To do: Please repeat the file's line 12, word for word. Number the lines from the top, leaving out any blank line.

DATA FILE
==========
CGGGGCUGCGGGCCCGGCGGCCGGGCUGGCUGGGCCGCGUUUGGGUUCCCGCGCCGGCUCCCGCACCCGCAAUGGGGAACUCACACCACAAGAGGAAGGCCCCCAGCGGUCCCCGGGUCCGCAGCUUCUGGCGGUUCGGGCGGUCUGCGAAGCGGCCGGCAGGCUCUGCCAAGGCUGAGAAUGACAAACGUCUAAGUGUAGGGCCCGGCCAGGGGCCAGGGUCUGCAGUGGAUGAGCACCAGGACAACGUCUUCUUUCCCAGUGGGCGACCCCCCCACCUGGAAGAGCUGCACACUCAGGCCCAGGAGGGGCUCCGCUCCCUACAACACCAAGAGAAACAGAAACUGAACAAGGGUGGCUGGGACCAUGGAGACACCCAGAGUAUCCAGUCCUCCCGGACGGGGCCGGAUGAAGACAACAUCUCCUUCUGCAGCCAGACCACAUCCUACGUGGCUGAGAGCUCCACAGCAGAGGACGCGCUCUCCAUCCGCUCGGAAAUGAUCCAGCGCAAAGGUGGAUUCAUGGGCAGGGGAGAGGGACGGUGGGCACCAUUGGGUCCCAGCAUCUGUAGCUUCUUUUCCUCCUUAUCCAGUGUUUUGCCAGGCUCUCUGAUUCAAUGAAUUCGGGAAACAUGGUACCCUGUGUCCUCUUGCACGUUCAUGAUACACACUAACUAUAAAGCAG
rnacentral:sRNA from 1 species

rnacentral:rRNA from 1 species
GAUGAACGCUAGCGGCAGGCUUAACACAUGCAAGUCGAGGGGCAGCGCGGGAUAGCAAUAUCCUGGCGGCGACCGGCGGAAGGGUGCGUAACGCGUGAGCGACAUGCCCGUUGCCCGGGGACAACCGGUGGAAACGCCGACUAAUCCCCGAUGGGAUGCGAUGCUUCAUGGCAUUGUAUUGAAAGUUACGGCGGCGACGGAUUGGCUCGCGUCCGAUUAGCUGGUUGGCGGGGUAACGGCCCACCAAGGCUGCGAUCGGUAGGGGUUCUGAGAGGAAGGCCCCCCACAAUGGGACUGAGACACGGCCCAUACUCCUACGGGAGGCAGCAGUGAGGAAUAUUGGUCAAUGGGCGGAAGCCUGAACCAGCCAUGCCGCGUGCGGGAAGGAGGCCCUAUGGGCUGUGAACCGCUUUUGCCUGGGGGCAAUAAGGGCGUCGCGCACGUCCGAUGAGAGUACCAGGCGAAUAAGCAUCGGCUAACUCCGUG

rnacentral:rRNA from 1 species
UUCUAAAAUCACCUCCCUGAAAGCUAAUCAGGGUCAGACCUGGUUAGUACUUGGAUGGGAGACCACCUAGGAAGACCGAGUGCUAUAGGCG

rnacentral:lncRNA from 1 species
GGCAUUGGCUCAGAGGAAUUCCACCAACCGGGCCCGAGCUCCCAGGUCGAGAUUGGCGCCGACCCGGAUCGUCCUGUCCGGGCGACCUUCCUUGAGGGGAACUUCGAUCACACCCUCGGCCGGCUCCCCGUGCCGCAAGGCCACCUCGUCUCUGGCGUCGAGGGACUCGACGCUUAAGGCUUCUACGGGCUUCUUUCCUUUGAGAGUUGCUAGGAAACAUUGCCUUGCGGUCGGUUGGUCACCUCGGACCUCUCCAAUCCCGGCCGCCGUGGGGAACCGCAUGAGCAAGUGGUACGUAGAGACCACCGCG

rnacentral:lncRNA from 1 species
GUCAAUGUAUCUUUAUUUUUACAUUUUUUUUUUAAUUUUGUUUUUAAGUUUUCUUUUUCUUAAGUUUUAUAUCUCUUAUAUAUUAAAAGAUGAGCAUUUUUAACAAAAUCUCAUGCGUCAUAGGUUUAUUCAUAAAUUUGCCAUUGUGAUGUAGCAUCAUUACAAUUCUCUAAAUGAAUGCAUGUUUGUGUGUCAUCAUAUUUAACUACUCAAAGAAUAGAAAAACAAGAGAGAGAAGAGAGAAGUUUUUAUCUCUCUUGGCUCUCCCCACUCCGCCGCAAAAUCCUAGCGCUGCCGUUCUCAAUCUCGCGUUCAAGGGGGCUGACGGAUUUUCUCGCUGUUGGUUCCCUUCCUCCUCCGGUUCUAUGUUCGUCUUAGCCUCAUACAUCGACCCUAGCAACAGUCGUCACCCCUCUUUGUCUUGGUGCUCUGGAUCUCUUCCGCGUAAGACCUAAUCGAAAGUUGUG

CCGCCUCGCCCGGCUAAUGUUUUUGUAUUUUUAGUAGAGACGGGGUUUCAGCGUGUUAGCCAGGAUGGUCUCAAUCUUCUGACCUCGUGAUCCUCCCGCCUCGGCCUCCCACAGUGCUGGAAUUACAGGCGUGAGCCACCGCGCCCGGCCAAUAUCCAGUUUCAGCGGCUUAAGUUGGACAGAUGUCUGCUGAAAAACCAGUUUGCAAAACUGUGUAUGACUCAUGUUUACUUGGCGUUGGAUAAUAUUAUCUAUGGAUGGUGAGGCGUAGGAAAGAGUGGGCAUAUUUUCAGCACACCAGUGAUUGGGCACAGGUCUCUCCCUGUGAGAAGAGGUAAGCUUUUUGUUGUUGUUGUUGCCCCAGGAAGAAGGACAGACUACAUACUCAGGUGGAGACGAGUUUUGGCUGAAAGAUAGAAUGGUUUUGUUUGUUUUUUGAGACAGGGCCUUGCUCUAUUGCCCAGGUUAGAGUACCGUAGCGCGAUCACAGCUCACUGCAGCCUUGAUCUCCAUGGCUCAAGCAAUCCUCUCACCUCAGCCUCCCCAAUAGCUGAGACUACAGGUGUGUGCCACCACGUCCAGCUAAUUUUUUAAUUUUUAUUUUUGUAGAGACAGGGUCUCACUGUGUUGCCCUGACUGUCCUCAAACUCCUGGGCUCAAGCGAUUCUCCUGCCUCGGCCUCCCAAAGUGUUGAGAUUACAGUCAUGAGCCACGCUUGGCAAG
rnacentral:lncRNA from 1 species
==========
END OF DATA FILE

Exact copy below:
rnacentral:lncRNA from 1 species